Beabadoobee headlines a polite evening at The Truman with Christian Leave, Blackstarkids
Sunday night’s gig at The Truman was one of the most polite rock shows I’ve attended. Also, likely the one with the youngest average age, both in performers and attendees.
The Truman’s warehouse-style venue was roughly half full of fans who had come to see Filipino-British singer-songwriter Beabadoobee.
Perhaps due to its cold concrete interior and its lack of tiered seating, when a show at the venue isn’t at least two-thirds full, it almost invariably feels a bit dead. It didn’t completely kill the mood; any show, despite its size, can be salvaged by its performers and attendees, but with a bit more effort from both parties, a night that held several highlights could have held many more.
Following a string of four EPs between the start of 2018 to the end of 2019, Beabadoobee (Beatrice Laus) released her debut full-length, Fake It Flowers, via British indie label Dirty Hit in October 2020. The album saw Bea outgrowing the twee bedroom pop that she first won attention for, opting instead to channel American grunge and ‘80s and ‘90s Britpop to pen a set of songs that capture the nature of adolescence. Bea turned 21 this year.
Fake It Flowers won near-universal praise and charted higher than any of Bea’s EPs.
Beabadoobee’s hourlong headlining set eventually picked up steam, but it wasn’t until the halfway point during the Fake It Flowers closer, “Yoshimi, Forest, Magdalene,” that Bea really seemed to come to life.
It followed relatively tame renditions of songs like “Care,” “Together,” and “Sorry”—all of which on the record are towering alt-rock sucker punches of teen angst. But as she repeated the chorus of “Yoshimi” a final few times (consisting of the three names she has chosen for her future children—named for the Flaming Lips album, Tom Hanks’ 1994 smash, and a Pixies song), her voice finally passed the threshold of a shout before she spun away from the microphone to finish her guitar run.
The crowd at large may have been more interested in Bea’s more pop-centric offerings. Bea ditched her guitar at times to strut and sway about the stage unencumbered, “He Gets Me So High” being the first of those, and primary set closer “Last Day On Earth” another.
The latter is a track from her 2021 EP, Our Extended Play, and sorts through all of the things Bea would like to have done if she had known a world-changing lockdown was on the way last year.
While Fake It Flowers captured the timeless pressures of being young, “Last Day On Earth” hones in on the longing for escape that almost everyone alive the last two years has felt at one point or another. Its production and instrumentation evoke the aesthetics of Y2K and the bubbly, carefree radio pop music of the era. It’s genius for calling back to that time, for when current events seem bleaker than ever.
Bea intuitively knows the world is on fire, but that it shouldn’t stop us from dancing.
Following an obligatory rendition of her breakout acoustic pop hit “Coffee” to open her encore, Bea ended the show with “Cologne,” another track from her new EP. The song is just as poppy as “Last Day On Earth,” featuring an undeniable dance beat, the chaotic, squealing guitar solos I yearned for in other moments during the show, and the band’s use of the entire stage. Bea grooved like she was on a mission, mic in hand—her lead guitarist smiling as he stalked the tour photographer around the stage until he had to retreat behind the drums.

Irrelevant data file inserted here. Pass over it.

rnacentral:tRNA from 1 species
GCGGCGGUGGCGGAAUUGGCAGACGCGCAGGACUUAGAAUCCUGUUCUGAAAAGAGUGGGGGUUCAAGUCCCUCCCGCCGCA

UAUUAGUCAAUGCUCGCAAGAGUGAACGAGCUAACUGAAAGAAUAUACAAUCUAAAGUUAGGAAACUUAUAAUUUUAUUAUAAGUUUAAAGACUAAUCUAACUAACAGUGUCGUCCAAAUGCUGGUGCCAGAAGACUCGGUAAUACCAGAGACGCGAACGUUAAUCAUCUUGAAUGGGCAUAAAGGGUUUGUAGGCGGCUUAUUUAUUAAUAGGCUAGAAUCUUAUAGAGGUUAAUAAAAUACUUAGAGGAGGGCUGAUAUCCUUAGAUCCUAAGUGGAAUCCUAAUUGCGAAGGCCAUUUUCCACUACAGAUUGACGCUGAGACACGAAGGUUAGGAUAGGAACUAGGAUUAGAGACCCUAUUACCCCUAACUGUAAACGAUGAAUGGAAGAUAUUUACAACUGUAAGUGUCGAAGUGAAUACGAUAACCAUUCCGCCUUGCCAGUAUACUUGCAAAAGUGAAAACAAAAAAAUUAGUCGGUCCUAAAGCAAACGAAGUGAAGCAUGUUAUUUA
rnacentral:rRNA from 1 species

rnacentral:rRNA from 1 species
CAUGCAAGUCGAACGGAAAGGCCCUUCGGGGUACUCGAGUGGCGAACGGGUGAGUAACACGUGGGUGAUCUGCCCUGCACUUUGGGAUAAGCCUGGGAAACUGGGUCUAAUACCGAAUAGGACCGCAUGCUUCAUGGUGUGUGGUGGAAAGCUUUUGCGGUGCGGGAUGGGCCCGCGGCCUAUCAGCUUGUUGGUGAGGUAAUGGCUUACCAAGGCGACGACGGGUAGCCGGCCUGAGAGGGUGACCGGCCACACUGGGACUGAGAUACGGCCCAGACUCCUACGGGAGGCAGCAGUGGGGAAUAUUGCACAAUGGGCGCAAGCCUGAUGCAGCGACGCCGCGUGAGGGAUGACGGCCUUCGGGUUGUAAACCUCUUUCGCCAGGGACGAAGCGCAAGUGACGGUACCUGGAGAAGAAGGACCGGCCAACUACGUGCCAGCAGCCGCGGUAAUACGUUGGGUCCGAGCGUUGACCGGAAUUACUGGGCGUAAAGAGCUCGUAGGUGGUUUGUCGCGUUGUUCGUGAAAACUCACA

Beabadoobee’s set was preceded by a half-hour from Texas singer-songwriter Christian Leave. Christian rose to fame online in a similar fashion to Beabadoobee: self-releasing music to social media as a teenager. In his case, Christian amassed a following of 800,000 on Vine in 2014 (at the age of 14). Since then he’s signed with Warner Records and released four EPs and one LP. The songs are mostly dreamy indie-pop tunes that feel as if they’re made in a laboratory for the sole purpose of being listened to with a crush in a colorful, LED-lit bedroom.
Despite Christian’s charming demeanor and his willingness to playfully stare down and jam out with his fellow guitarist on occasion, it made for a largely uninteresting set for anyone not already smitten with the band.
The evening began with a performance from Raytown trio Blackstarkids—labelmates of Beabadoobee who are playing every date of this four-and-a-half-week US tour with her.
This was the group’s fifth-ever show in the Kansas City metro, following two DIY gigs before their signing, opening for Grouplove at Liberty Hall, and an album release headliner at recordBar. I personally witnessed members of the band rushing around outside the box office minutes before their set began, doing their best to guest-list every friend and family member they could. TyFaizon paused after the first few songs to give his grandmother in attendance a shoutout and apologize for cussing.
The band wasted no time getting the party started with back-to-back upbeat pop-rock bangers “Sounds Like Fun” and “Jimmy Neutron.” Though Gabe and Deiondre’s clean vocals were not high enough in the mix for portions of the set, the rest of the sound was superior to the show with Grouplove just two months ago. They were also clearly more confident and comfortable in their stage presence.
Despite their clean and colorful aesthetics, much of the grittiness that comes with coming of age is still present in the songs.
Through their seamless fusion of genres, infectious energy, and clever use of nostalgia (songs alluded to or interpolated in lyrics on this night included Kanye’s “Stronger,” YG’s “Toot It and Boot It,” and Kesha’s “Tik Tok”), Blackstarkids’ set showcased what makes them one of the most promising acts to emerge from Kansas City in the last several years.
All photos by Aaron Rhodes